While Tears of Llorona, an extra-añejo Tequila, has gained much traction for its scarcity and high price since its debut in the United States, it is also notable for its aging process. The dram is a blend of spirits aged in three different casks types: those used previously for Scotch, brandy and Sherry maturations.
Master tequilero German Gonzalez, the fifth in a line of Tequila makers, says that the blend arose from a process of experimentation. He had learned from working with his father that former Scotch casks were excellent for aging in. "One day I woke up with something different in my mind and decided I wanted to use different barrels. So I started aging Tequila in wine, Cognac, brandy—12 different barrels—just to see the effects on the Tequila."
Blending by trial and error with the results he ultimately landed on the final triad of cask types. "I decided on them because I wanted the brightness that Scotch gives you, the fruit from the Sherry and the sweetness from the brandy."
Gonzalez all gives a nod to his agave source in Tears of Llorona. For his raw material he sourced plants in the highland region of Jalisco in Los Altos. "You can taste the influence of the wood, but you can also taste the points of green that [remind you that it is made from agave]," he says. "And I believe that type is the agave that can make that happen."
For this small production that became Tears of Llorona, he also cooked the agave at a low temperature, taking 27 hours (seven more than his norm). Slow cooking was a technique that his wife, a chef, inspired, he adds. "Sometimes what I think about myself when I'm doing that is that I become a chef. In the end you're doing a transformation, and when you do it as slow as possible you are getting richer and richer flavors."
The name of the Tequila stems from an old folktale that Gonzalez heard as child. It involves a beautiful, Mexican native who falls in love with a conquistador. When he leaves her for a younger woman, she drowns their children and her herself. Doomed to walk the earth, she is said to be heard crying out for her lost children. Hence, she is called la llorona (the weeping woman). But Gonzalez's reason for using the name is nothing so horrible as that. He says that when he tasted his creation, he wept tears of joy.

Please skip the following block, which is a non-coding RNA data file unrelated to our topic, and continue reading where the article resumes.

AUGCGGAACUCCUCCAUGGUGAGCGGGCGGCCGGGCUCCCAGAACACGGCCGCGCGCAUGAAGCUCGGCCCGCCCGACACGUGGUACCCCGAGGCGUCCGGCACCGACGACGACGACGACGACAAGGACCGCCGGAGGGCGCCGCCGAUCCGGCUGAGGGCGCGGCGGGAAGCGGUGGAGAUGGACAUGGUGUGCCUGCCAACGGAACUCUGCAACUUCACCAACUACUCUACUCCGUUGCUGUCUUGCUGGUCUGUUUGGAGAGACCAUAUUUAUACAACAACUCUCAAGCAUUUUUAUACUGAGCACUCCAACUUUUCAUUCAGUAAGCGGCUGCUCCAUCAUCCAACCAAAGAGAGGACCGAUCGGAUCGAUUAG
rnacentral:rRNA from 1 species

This is a Tequila meant strictly for sipping, possibly with an ice cube or a splash of water, but never to be drowned in a cocktail. But Gonzalez does approve of mixing it with one thing: "A cigar can make an amazing partner."
Tears of Llorona (86 proof, or 43 percent alcohol by volume; five years old; $250-$299 a liter bottle)
APPEARANCE: Bright amber/copper color with quick, thick legs.
NOSE: Without knowing the species this mightn't be instantly recognizable as Tequila. Its floral notes suggest brandy. Lots of competing barrel flavors follow, with vanilla (crème brûlée), Sherry and a slight peat. It reveals its Tequila-ness through a spicy cinnamon note at the far end of the bouquet.
PALATE: The cinnamon lights up as soon the juice hits the tongue and spicy cinnamon and ginger follow. The signature Tequila bread-dough note is soon subsumed by more candied notes with cocoa, caramel, vanilla, cherry and grape. A very complex Tequila.
FINISH: As it drifts off, the spice returns with rampant agave notes that remind you of its source.
CIGAR PAIRING: Achilles Heroicos (Nicaragua; 5 1/4 inches by 50 ring gauge; $8.50; 93 points, Cigar Aficionado December 2014). A hearty foundation of earth and coffee underscore complex layers of cinnamon, nutmeg and gingerbread. This is a rich and delicious cigar that never overpowers the palate. It's the spice conjunction we were going for with this partnership—and it worked—in one direction, at least. The Tequila elicits more cinnamon and ginger from the cigar. However, sweets (grape, cherry and chocolate notes) are what pop on the Tears of Llorona. Where the two find common ground is in their earthiness (and this is where hints of Tequila shine through). Overall, it's an interesting union with many surprising meeting points.